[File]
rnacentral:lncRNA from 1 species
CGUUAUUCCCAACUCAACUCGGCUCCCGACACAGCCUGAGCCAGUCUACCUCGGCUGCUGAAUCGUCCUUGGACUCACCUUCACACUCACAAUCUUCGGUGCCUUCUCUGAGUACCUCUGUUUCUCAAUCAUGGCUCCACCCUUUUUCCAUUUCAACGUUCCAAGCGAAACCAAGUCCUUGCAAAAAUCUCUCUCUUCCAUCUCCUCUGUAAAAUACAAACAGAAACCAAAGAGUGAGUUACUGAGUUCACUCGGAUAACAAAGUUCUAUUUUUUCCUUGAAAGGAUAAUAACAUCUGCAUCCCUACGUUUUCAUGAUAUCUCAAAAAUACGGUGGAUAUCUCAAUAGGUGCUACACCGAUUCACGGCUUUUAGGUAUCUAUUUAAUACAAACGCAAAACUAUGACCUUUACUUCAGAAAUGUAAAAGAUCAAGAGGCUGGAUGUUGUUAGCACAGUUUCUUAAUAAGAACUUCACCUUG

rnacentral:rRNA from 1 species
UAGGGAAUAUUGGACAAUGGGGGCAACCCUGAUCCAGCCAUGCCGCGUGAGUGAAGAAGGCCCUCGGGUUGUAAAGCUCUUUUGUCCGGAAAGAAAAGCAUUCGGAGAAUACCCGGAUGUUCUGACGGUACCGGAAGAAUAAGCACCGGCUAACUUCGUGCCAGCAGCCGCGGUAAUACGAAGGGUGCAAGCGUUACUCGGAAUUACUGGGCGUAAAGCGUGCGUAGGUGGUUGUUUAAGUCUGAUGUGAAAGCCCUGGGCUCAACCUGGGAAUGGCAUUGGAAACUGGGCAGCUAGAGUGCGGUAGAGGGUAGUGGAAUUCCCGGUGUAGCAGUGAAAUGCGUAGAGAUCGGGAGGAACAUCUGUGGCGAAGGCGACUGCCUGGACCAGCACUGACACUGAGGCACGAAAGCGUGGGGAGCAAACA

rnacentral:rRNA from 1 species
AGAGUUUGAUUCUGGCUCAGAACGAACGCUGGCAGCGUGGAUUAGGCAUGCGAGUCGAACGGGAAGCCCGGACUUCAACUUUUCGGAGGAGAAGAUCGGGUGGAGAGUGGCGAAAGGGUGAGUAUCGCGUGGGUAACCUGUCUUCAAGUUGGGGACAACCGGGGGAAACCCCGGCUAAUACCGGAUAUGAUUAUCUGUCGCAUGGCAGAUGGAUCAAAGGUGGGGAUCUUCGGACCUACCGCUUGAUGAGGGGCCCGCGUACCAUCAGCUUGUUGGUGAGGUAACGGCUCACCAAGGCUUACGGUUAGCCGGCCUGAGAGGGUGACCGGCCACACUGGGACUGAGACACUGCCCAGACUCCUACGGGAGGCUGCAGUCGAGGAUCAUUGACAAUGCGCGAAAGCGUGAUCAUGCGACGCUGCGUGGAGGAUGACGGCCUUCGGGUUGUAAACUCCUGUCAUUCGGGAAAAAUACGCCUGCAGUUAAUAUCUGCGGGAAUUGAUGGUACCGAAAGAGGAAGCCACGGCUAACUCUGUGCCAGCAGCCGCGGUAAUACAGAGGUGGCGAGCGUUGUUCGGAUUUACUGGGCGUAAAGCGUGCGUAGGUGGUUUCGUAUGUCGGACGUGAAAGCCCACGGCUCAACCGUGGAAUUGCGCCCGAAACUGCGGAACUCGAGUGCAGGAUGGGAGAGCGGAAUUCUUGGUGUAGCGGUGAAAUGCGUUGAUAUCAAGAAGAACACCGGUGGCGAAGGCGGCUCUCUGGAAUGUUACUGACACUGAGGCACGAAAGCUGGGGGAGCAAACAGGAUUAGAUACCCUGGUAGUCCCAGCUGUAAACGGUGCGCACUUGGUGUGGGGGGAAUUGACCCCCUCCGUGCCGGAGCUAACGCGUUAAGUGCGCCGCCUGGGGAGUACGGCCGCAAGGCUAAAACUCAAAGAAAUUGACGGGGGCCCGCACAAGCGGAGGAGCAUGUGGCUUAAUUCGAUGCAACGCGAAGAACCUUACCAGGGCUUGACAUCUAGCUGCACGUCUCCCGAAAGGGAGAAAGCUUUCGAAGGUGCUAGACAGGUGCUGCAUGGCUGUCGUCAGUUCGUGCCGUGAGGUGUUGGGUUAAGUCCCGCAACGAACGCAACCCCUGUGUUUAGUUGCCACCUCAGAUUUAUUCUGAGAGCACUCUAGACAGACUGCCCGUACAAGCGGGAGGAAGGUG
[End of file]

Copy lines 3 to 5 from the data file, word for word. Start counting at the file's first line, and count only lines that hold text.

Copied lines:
rnacentral:rRNA from 1 species
UAGGGAAUAUUGGACAAUGGGGGCAACCCUGAUCCAGCCAUGCCGCGUGAGUGAAGAAGGCCCUCGGGUUGUAAAGCUCUUUUGUCCGGAAAGAAAAGCAUUCGGAGAAUACCCGGAUGUUCUGACGGUACCGGAAGAAUAAGCACCGGCUAACUUCGUGCCAGCAGCCGCGGUAAUACGAAGGGUGCAAGCGUUACUCGGAAUUACUGGGCGUAAAGCGUGCGUAGGUGGUUGUUUAAGUCUGAUGUGAAAGCCCUGGGCUCAACCUGGGAAUGGCAUUGGAAACUGGGCAGCUAGAGUGCGGUAGAGGGUAGUGGAAUUCCCGGUGUAGCAGUGAAAUGCGUAGAGAUCGGGAGGAACAUCUGUGGCGAAGGCGACUGCCUGGACCAGCACUGACACUGAGGCACGAAAGCGUGGGGAGCAAACA

rnacentral:rRNA from 1 species